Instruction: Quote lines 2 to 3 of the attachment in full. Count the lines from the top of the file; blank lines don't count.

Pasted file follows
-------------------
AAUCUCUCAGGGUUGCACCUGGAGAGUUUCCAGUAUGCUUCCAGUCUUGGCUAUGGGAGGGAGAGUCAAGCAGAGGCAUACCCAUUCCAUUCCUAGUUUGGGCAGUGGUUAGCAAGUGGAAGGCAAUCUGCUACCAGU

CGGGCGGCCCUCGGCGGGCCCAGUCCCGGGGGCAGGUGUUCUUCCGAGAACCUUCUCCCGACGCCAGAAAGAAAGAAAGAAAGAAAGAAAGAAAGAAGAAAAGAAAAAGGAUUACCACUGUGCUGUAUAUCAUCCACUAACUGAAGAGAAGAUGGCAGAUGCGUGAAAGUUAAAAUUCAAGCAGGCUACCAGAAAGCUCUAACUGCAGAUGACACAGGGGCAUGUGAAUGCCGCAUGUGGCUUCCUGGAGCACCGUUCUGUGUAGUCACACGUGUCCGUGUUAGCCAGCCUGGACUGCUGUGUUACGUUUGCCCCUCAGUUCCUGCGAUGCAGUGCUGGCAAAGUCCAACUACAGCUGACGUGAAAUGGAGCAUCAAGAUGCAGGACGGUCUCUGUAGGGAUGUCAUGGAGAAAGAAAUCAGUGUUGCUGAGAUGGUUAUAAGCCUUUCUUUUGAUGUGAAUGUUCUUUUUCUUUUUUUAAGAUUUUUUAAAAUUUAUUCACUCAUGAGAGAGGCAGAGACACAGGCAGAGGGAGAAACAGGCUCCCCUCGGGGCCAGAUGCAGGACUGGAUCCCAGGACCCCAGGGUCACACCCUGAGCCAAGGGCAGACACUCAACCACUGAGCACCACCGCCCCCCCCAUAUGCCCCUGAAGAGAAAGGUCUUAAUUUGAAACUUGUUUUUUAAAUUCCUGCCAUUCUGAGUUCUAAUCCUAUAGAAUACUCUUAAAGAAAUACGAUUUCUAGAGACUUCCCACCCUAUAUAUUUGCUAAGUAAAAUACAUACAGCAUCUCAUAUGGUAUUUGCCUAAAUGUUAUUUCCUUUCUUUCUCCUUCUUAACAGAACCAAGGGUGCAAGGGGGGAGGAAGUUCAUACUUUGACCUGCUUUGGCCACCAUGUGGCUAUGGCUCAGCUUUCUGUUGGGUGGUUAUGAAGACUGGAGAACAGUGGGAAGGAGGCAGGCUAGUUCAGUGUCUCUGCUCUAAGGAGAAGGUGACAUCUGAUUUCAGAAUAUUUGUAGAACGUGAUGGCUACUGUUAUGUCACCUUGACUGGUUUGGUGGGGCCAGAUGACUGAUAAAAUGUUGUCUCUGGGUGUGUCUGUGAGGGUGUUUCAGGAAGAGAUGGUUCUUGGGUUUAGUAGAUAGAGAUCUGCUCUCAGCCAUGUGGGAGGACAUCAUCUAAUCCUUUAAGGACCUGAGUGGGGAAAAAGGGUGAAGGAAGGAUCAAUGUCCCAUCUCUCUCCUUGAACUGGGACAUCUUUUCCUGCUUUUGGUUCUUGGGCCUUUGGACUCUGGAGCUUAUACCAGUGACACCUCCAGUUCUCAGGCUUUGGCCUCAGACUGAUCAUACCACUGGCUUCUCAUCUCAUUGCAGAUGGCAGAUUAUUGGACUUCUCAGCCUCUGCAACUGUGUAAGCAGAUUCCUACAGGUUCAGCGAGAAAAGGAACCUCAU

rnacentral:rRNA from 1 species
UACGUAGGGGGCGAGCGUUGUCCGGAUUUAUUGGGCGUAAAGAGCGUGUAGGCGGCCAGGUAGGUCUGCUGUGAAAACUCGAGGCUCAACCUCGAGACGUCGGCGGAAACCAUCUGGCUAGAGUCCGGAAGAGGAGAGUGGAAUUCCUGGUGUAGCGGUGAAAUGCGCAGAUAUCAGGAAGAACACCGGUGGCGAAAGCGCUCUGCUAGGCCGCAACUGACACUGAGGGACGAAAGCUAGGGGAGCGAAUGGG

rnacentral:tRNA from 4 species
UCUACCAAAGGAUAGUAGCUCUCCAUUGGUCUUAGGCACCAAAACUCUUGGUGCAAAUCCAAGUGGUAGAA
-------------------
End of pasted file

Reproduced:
CGGGCGGCCCUCGGCGGGCCCAGUCCCGGGGGCAGGUGUUCUUCCGAGAACCUUCUCCCGACGCCAGAAAGAAAGAAAGAAAGAAAGAAAGAAAGAAGAAAAGAAAAAGGAUUACCACUGUGCUGUAUAUCAUCCACUAACUGAAGAGAAGAUGGCAGAUGCGUGAAAGUUAAAAUUCAAGCAGGCUACCAGAAAGCUCUAACUGCAGAUGACACAGGGGCAUGUGAAUGCCGCAUGUGGCUUCCUGGAGCACCGUUCUGUGUAGUCACACGUGUCCGUGUUAGCCAGCCUGGACUGCUGUGUUACGUUUGCCCCUCAGUUCCUGCGAUGCAGUGCUGGCAAAGUCCAACUACAGCUGACGUGAAAUGGAGCAUCAAGAUGCAGGACGGUCUCUGUAGGGAUGUCAUGGAGAAAGAAAUCAGUGUUGCUGAGAUGGUUAUAAGCCUUUCUUUUGAUGUGAAUGUUCUUUUUCUUUUUUUAAGAUUUUUUAAAAUUUAUUCACUCAUGAGAGAGGCAGAGACACAGGCAGAGGGAGAAACAGGCUCCCCUCGGGGCCAGAUGCAGGACUGGAUCCCAGGACCCCAGGGUCACACCCUGAGCCAAGGGCAGACACUCAACCACUGAGCACCACCGCCCCCCCCAUAUGCCCCUGAAGAGAAAGGUCUUAAUUUGAAACUUGUUUUUUAAAUUCCUGCCAUUCUGAGUUCUAAUCCUAUAGAAUACUCUUAAAGAAAUACGAUUUCUAGAGACUUCCCACCCUAUAUAUUUGCUAAGUAAAAUACAUACAGCAUCUCAUAUGGUAUUUGCCUAAAUGUUAUUUCCUUUCUUUCUCCUUCUUAACAGAACCAAGGGUGCAAGGGGGGAGGAAGUUCAUACUUUGACCUGCUUUGGCCACCAUGUGGCUAUGGCUCAGCUUUCUGUUGGGUGGUUAUGAAGACUGGAGAACAGUGGGAAGGAGGCAGGCUAGUUCAGUGUCUCUGCUCUAAGGAGAAGGUGACAUCUGAUUUCAGAAUAUUUGUAGAACGUGAUGGCUACUGUUAUGUCACCUUGACUGGUUUGGUGGGGCCAGAUGACUGAUAAAAUGUUGUCUCUGGGUGUGUCUGUGAGGGUGUUUCAGGAAGAGAUGGUUCUUGGGUUUAGUAGAUAGAGAUCUGCUCUCAGCCAUGUGGGAGGACAUCAUCUAAUCCUUUAAGGACCUGAGUGGGGAAAAAGGGUGAAGGAAGGAUCAAUGUCCCAUCUCUCUCCUUGAACUGGGACAUCUUUUCCUGCUUUUGGUUCUUGGGCCUUUGGACUCUGGAGCUUAUACCAGUGACACCUCCAGUUCUCAGGCUUUGGCCUCAGACUGAUCAUACCACUGGCUUCUCAUCUCAUUGCAGAUGGCAGAUUAUUGGACUUCUCAGCCUCUGCAACUGUGUAAGCAGAUUCCUACAGGUUCAGCGAGAAAAGGAACCUCAU

rnacentral:rRNA from 1 species